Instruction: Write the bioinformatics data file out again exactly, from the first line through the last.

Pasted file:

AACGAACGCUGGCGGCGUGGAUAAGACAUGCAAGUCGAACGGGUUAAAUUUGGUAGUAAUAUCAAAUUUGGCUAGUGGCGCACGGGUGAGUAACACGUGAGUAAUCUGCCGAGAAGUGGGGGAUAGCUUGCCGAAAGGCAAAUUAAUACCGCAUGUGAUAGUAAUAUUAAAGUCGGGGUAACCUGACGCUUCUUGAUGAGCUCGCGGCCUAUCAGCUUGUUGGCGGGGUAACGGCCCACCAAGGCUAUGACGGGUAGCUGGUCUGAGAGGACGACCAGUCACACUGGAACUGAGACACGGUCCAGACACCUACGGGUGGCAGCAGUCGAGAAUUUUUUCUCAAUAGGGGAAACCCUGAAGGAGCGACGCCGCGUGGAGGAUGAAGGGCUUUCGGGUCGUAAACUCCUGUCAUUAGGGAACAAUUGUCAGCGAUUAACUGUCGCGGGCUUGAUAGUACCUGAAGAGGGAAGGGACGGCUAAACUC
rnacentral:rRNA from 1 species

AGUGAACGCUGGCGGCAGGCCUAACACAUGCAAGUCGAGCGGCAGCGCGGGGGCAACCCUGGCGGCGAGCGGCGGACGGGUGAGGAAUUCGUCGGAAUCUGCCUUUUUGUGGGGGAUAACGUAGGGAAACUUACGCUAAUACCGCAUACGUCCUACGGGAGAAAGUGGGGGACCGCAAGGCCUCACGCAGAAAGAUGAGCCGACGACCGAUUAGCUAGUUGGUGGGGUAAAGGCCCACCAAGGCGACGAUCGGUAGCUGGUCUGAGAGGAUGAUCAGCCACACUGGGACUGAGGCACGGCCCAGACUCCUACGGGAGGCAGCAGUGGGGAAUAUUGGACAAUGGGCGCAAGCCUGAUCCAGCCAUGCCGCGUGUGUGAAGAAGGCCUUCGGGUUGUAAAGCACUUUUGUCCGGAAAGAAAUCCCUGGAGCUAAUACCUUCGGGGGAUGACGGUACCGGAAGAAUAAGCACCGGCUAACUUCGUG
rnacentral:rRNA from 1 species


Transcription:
AACGAACGCUGGCGGCGUGGAUAAGACAUGCAAGUCGAACGGGUUAAAUUUGGUAGUAAUAUCAAAUUUGGCUAGUGGCGCACGGGUGAGUAACACGUGAGUAAUCUGCCGAGAAGUGGGGGAUAGCUUGCCGAAAGGCAAAUUAAUACCGCAUGUGAUAGUAAUAUUAAAGUCGGGGUAACCUGACGCUUCUUGAUGAGCUCGCGGCCUAUCAGCUUGUUGGCGGGGUAACGGCCCACCAAGGCUAUGACGGGUAGCUGGUCUGAGAGGACGACCAGUCACACUGGAACUGAGACACGGUCCAGACACCUACGGGUGGCAGCAGUCGAGAAUUUUUUCUCAAUAGGGGAAACCCUGAAGGAGCGACGCCGCGUGGAGGAUGAAGGGCUUUCGGGUCGUAAACUCCUGUCAUUAGGGAACAAUUGUCAGCGAUUAACUGUCGCGGGCUUGAUAGUACCUGAAGAGGGAAGGGACGGCUAAACUC
rnacentral:rRNA from 1 species

AGUGAACGCUGGCGGCAGGCCUAACACAUGCAAGUCGAGCGGCAGCGCGGGGGCAACCCUGGCGGCGAGCGGCGGACGGGUGAGGAAUUCGUCGGAAUCUGCCUUUUUGUGGGGGAUAACGUAGGGAAACUUACGCUAAUACCGCAUACGUCCUACGGGAGAAAGUGGGGGACCGCAAGGCCUCACGCAGAAAGAUGAGCCGACGACCGAUUAGCUAGUUGGUGGGGUAAAGGCCCACCAAGGCGACGAUCGGUAGCUGGUCUGAGAGGAUGAUCAGCCACACUGGGACUGAGGCACGGCCCAGACUCCUACGGGAGGCAGCAGUGGGGAAUAUUGGACAAUGGGCGCAAGCCUGAUCCAGCCAUGCCGCGUGUGUGAAGAAGGCCUUCGGGUUGUAAAGCACUUUUGUCCGGAAAGAAAUCCCUGGAGCUAAUACCUUCGGGGGAUGACGGUACCGGAAGAAUAAGCACCGGCUAACUUCGUG
rnacentral:rRNA from 1 species